No Harm, No Foul

The late Lakers broadcaster Chick Hearn was known for coining or popularizing numerous basketball expressions, including “air ball” and ”no harm, no foul”. Now, the U.S. Supreme Court may soon decide whether the principle of “no harm, no foul” applies to Section 16, the other insider trading statute.

Do Section 16 Plaintiffs Suffer Injury In Fact?

In 2009/2010, a private investment fund, Bulldog Investors General Partnership, engaged in various open-market trades in the shares of common stock of another fund. Bulldog admits that it violated Section 16(b) of the Securities Exchange Act of 1934 but sought dismissal of the ensuing suit by a private plaintiff, Deborah Donoghue. Bulldog argued that because Donoghue had suffered no injury in fact, she had no standing to claim a foul. The U.S. District Court agreed with Donoghue and the Second Circuit Court of Appeals agreed with the lower court. Bulldog sought one last bite by filing a petition for writ of certiorari to the U.S. Supreme Court. Bulldog Investors General Partnership v. Donoghue, Case No. 12-818.

Can Violation Of A Statute Alone Constitute Injury In Fact?

According to the Supreme Court’s docket, the briefs have been distributed for tomorrow’s conference. As the Supreme Court Rules make clear, obtaining certiorari is by no means assured:

Review on a writ of certiorari is not a matter of right, but of judicial discretion. A petition for a writ of certiorari will be granted only for compelling reasons.

Nonetheless, Bulldog’s petition resurrects an important question that the Supreme Court ducked last year when it dismissed its writ of certiorari in Edwards v. First Am. Fin. Corp., 610 F.3d 514 (9th Cir. 2010), cert. granted, 131 S. Ct. 3022 (2011), dismissed as improvidently granted, 132 S. Ct. 2536 (2012): just how far can Congress go in creating injury in fact by simply enacting a statute? Or, as Chief Justice John Roberts commented during oral arguments in Edwards:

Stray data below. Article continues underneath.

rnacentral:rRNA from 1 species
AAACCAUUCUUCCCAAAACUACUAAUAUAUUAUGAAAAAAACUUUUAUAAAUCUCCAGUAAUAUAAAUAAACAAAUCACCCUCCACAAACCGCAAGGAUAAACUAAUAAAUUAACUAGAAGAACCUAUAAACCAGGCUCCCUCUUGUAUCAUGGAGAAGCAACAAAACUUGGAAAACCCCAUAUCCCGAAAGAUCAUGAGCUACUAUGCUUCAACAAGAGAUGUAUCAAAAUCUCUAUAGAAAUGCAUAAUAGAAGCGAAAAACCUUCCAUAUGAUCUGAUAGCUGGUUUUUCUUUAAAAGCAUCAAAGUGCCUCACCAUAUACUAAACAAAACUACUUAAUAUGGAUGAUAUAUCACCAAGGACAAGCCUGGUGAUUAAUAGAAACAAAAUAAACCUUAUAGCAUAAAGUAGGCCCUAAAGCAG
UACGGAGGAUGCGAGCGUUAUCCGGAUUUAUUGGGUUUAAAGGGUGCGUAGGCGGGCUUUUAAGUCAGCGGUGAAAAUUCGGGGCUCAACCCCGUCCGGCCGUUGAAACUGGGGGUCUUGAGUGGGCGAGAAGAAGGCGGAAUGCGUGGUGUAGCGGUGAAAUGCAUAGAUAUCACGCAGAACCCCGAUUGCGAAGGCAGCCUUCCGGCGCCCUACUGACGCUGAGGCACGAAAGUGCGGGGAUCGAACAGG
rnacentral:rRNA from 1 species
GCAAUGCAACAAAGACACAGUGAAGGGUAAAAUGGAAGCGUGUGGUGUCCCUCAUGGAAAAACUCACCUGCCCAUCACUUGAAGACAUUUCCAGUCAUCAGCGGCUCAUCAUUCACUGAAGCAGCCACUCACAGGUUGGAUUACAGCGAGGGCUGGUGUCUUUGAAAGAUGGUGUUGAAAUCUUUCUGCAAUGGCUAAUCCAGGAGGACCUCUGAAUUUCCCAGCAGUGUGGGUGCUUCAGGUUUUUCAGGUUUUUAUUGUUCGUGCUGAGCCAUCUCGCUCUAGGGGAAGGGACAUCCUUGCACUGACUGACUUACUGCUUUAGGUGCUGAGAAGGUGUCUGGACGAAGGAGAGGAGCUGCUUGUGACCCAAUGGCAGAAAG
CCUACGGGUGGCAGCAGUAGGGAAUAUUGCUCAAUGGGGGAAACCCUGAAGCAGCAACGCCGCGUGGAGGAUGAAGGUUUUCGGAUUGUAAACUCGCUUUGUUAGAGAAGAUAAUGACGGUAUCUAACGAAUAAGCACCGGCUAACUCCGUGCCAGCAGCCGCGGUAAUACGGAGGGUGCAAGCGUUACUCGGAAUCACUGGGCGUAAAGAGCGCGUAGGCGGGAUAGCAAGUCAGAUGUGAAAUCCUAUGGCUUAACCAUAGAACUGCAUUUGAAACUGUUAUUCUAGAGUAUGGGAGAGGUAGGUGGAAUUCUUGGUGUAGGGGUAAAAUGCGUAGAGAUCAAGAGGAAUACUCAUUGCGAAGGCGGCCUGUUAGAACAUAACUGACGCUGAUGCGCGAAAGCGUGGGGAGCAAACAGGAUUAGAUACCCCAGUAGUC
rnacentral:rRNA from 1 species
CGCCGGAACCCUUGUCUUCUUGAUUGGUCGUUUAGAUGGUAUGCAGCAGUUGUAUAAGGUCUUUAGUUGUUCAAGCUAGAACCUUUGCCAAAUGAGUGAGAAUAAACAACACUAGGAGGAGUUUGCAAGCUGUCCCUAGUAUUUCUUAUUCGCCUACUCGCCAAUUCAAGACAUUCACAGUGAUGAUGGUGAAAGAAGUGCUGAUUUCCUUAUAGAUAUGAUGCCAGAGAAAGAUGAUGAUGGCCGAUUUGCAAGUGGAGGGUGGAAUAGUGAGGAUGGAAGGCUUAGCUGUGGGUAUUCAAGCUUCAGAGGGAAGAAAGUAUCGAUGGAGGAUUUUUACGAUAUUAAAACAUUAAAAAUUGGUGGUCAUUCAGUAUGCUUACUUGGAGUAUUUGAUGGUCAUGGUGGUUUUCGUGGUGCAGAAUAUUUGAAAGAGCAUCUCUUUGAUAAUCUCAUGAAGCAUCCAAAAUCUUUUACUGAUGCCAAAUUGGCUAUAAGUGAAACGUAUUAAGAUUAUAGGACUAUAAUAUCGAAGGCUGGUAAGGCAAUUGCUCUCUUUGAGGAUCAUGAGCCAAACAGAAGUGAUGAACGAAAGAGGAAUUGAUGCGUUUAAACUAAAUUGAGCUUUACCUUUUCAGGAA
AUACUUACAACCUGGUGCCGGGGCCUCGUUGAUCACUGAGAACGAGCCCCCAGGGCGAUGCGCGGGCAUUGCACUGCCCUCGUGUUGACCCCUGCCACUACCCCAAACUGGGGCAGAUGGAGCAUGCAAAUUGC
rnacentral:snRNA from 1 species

You said violation of a statute is injury in fact. I would have thought that would be called injury in law.

In some ways, Bulldog’s petition presents a purer legal question for the court. In Edwards, the plaintiff had purchased insurance from the defendant and the alleged statuory violation was in connection with that purchase. When a plaintiff brings a Section 16 claim, there is no privity and the statutory violation is not incident to any transaction between the plaintiff and the defendant. Remarkably, a Section 16 plaintiff is not required to be a security holder of the issuer at the time of the alleged violation. Gollust v. Mendell, 501 U.S. 115, 123 (1991).

Why is injury in fact so important? Without injury in fact, a plaintiff does not possess the standing required by the U.S. Constitution for a case to be heard in federal court.